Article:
Cursing Christians

rotten green pepper with verse

What are you actually requesting when you tell someone “d*** you”?

This should probably (and may later) have some subtopics since the tongue and speech is so important. I want to briefly cover one area today – cursing/cussing/using profanity. As this world becomes more and more tolerant and less willing to take even a moral stand, I find many Christians claiming it’s okay to curse or going out of their way to learn to curse to be accepted by the world or to stress a point. Now, I still believe what so many older adults used to say about people who curse needing to expand their vocabulary to find other ways to express themselves, but there’s a more sobering reason this has bothered me.

I believe that if you can learn to curse, you can learn to NOT curse, especially if you have children. It’s really not that difficult – trust me. Think about the image you leave on someone when you use profanity around people. Now think about what impression you leave as a “cussing Christian.” Not sure how it destroys our witness? Just listen to some of these “contemporary pastors” or listen to how non-Christians point out cussing Christians. Why is a non-Christian more aware of and bothered by the profanity coming from Christians than those proclaiming they’ve become a new creation in Christ and led by the Holy Spirit?

Therewith bless we God, even the Father; and therewith curse we men, which are made after the similitude of God. 10 Out of the same mouth proceedeth blessing and cursing. My brethren, these things ought not so to be. 11 Doth a fountain send forth at the same place sweet water and bitter?” – James 3:9-11

What does it mean to curse or use profanity?

Curse – to wish or invoke evil, calamity, injury, or destruction upon; to swear at; to blaspheme; to afflict with great evil
Profanity – the quality of being profane; irreverence
Profane – characterized by irreverence or contempt for God or sacred principles or things; irreligious; not devoted to holy or religious purposes; unconsecrated; secular (opposed to sacred)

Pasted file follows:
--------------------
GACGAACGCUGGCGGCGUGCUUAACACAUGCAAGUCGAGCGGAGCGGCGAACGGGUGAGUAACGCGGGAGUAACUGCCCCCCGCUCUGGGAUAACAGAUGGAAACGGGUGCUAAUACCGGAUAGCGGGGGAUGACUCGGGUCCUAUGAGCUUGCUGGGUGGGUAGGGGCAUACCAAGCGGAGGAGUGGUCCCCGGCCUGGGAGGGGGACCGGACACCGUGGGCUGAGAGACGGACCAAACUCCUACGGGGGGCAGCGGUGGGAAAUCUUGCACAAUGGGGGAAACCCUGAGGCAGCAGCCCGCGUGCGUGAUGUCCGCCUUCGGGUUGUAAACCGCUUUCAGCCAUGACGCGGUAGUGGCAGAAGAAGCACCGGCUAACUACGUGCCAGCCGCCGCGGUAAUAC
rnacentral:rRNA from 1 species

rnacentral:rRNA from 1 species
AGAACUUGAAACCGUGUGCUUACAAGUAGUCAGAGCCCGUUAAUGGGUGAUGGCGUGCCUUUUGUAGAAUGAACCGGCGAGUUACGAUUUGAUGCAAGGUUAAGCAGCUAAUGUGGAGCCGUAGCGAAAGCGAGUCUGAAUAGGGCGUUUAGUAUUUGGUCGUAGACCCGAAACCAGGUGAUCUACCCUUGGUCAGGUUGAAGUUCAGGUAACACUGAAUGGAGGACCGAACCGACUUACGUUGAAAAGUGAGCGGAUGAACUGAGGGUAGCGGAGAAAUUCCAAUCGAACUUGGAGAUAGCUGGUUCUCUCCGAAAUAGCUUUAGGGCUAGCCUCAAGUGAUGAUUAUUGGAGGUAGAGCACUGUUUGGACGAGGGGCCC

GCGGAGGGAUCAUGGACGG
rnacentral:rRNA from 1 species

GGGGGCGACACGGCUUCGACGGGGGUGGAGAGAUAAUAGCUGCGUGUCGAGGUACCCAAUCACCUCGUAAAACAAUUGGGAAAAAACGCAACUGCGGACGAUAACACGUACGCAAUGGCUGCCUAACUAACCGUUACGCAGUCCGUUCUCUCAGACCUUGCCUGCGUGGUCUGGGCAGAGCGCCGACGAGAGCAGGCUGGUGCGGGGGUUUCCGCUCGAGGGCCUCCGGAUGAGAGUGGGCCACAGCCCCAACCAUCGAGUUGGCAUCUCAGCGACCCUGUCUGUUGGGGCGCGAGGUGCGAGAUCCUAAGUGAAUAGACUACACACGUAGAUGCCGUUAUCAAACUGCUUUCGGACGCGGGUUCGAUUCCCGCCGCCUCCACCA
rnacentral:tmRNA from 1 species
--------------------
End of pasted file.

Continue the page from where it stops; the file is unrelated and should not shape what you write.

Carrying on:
Have you thought about what it means to tell someone “d*** you”, “f*** you” or “go to h***”? You are actually saying that you truly want someone to suffer eternal damnation (usually behind something trivial). I sat down one day and reflected on what I have learned hell to be. Hell has:

– No rest (those that die in the Lord will receive rest which implies those that do not will not rest) Rev 14:12-14
– No peace (Peace is with Jesus. I find it difficult to believe that tormentors, fire, starvation, difficulty breathing make for a restful sleep.) Matt 18:34-35
– No food/water (rich man begged for a drop of water) Luke 16:23-24
– Darkness so thick it can be felt (as it was in Egypt) Jesus is Light; therefore, where Jesus is not, there is not light
– Hatred (God is Love; therefore, there is hatred where there is not God)
– Pain and torment (rich man and Lazarus) Luke 16:23-24
– Lake of fire that is not extinguished Mark 9:42-48
– Putrid smell of sulfur (suffocating odor known as brimstone which means breathing is next to impossible) Rev 14:10
– No escape (hell has gates) Matt 16:18

I can’t think of any one person I hate so much that I would wish to be eternally tormented. Yet, if you are “cursing someone out”, telling them where they can go or even jokingly using these phrases, you are speaking your approval and desire for the recipient of your curses to receive these tortures. How can you curse someone, ask God to bless you and not feel an urgency to repent?

When you stop to think about what you’re saying and what it means, how quick will you be to deliver that condemnation to someone else? Better yet….will you do that to yourself when if you say “I’ll be ******”?


Cursing Christians — 2 Comments

  1. I try really hard not to cuss. Some days, I do well. Other days, not so much. I have learned that if I replace words that sound the same, I can laugh about it and see that I don’t need those words after all.

    • It does take more effort to unlearn something after you’ve learned one way. I think it’s like that with many habits. The things that got me thinking about what I was saying was realizing children copy what they hear and having a man challenge us to increase our vocabulary to find other ways to express ourselves. I’m not sure which one affected me most, but I did figure out how to say what I thought without upsetting children or my co-workers. Maybe the challenge was what I needed to motivate me.